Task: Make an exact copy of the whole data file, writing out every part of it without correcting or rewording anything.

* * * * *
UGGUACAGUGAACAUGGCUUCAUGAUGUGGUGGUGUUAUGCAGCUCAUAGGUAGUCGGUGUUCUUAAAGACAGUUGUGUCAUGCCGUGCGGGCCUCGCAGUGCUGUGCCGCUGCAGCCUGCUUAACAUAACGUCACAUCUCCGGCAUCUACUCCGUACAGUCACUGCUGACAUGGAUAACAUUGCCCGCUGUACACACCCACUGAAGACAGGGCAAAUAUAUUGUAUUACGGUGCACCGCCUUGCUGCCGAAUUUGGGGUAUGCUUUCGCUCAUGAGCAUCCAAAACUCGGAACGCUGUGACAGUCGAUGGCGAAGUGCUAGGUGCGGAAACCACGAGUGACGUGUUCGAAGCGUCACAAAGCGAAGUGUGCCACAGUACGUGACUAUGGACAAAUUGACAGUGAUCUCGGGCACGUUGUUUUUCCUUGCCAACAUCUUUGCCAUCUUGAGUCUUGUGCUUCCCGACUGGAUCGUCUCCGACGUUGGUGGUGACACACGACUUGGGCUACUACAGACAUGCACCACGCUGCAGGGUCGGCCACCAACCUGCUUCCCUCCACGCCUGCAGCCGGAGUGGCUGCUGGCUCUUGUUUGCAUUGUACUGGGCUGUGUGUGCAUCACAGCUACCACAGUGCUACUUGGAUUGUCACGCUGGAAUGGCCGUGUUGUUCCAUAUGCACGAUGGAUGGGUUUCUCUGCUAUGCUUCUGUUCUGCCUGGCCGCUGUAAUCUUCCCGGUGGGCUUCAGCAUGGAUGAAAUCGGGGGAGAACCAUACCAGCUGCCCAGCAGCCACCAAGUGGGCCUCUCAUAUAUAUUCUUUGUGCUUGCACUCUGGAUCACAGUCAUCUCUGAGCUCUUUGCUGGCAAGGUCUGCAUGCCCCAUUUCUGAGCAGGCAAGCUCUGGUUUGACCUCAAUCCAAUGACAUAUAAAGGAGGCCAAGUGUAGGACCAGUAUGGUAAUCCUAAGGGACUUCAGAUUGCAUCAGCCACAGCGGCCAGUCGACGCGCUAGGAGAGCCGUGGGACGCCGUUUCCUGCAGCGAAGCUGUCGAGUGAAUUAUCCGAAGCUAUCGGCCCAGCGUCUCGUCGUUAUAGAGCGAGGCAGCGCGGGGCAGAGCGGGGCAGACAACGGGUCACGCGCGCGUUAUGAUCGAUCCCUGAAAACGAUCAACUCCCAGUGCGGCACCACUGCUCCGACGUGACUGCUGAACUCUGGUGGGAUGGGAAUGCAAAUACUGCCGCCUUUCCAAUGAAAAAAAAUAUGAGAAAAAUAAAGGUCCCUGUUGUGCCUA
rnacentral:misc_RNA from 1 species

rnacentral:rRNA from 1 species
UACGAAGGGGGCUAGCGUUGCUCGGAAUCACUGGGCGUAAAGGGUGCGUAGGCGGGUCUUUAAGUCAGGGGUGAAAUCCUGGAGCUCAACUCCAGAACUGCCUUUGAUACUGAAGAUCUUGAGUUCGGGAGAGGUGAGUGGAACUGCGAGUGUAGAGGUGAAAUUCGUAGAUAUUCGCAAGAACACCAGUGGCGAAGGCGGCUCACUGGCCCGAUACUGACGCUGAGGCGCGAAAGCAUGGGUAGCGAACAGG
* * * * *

UGGUACAGUGAACAUGGCUUCAUGAUGUGGUGGUGUUAUGCAGCUCAUAGGUAGUCGGUGUUCUUAAAGACAGUUGUGUCAUGCCGUGCGGGCCUCGCAGUGCUGUGCCGCUGCAGCCUGCUUAACAUAACGUCACAUCUCCGGCAUCUACUCCGUACAGUCACUGCUGACAUGGAUAACAUUGCCCGCUGUACACACCCACUGAAGACAGGGCAAAUAUAUUGUAUUACGGUGCACCGCCUUGCUGCCGAAUUUGGGGUAUGCUUUCGCUCAUGAGCAUCCAAAACUCGGAACGCUGUGACAGUCGAUGGCGAAGUGCUAGGUGCGGAAACCACGAGUGACGUGUUCGAAGCGUCACAAAGCGAAGUGUGCCACAGUACGUGACUAUGGACAAAUUGACAGUGAUCUCGGGCACGUUGUUUUUCCUUGCCAACAUCUUUGCCAUCUUGAGUCUUGUGCUUCCCGACUGGAUCGUCUCCGACGUUGGUGGUGACACACGACUUGGGCUACUACAGACAUGCACCACGCUGCAGGGUCGGCCACCAACCUGCUUCCCUCCACGCCUGCAGCCGGAGUGGCUGCUGGCUCUUGUUUGCAUUGUACUGGGCUGUGUGUGCAUCACAGCUACCACAGUGCUACUUGGAUUGUCACGCUGGAAUGGCCGUGUUGUUCCAUAUGCACGAUGGAUGGGUUUCUCUGCUAUGCUUCUGUUCUGCCUGGCCGCUGUAAUCUUCCCGGUGGGCUUCAGCAUGGAUGAAAUCGGGGGAGAACCAUACCAGCUGCCCAGCAGCCACCAAGUGGGCCUCUCAUAUAUAUUCUUUGUGCUUGCACUCUGGAUCACAGUCAUCUCUGAGCUCUUUGCUGGCAAGGUCUGCAUGCCCCAUUUCUGAGCAGGCAAGCUCUGGUUUGACCUCAAUCCAAUGACAUAUAAAGGAGGCCAAGUGUAGGACCAGUAUGGUAAUCCUAAGGGACUUCAGAUUGCAUCAGCCACAGCGGCCAGUCGACGCGCUAGGAGAGCCGUGGGACGCCGUUUCCUGCAGCGAAGCUGUCGAGUGAAUUAUCCGAAGCUAUCGGCCCAGCGUCUCGUCGUUAUAGAGCGAGGCAGCGCGGGGCAGAGCGGGGCAGACAACGGGUCACGCGCGCGUUAUGAUCGAUCCCUGAAAACGAUCAACUCCCAGUGCGGCACCACUGCUCCGACGUGACUGCUGAACUCUGGUGGGAUGGGAAUGCAAAUACUGCCGCCUUUCCAAUGAAAAAAAAUAUGAGAAAAAUAAAGGUCCCUGUUGUGCCUA
rnacentral:misc_RNA from 1 species

rnacentral:rRNA from 1 species
UACGAAGGGGGCUAGCGUUGCUCGGAAUCACUGGGCGUAAAGGGUGCGUAGGCGGGUCUUUAAGUCAGGGGUGAAAUCCUGGAGCUCAACUCCAGAACUGCCUUUGAUACUGAAGAUCUUGAGUUCGGGAGAGGUGAGUGGAACUGCGAGUGUAGAGGUGAAAUUCGUAGAUAUUCGCAAGAACACCAGUGGCGAAGGCGGCUCACUGGCCCGAUACUGACGCUGAGGCGCGAAAGCAUGGGUAGCGAACAGG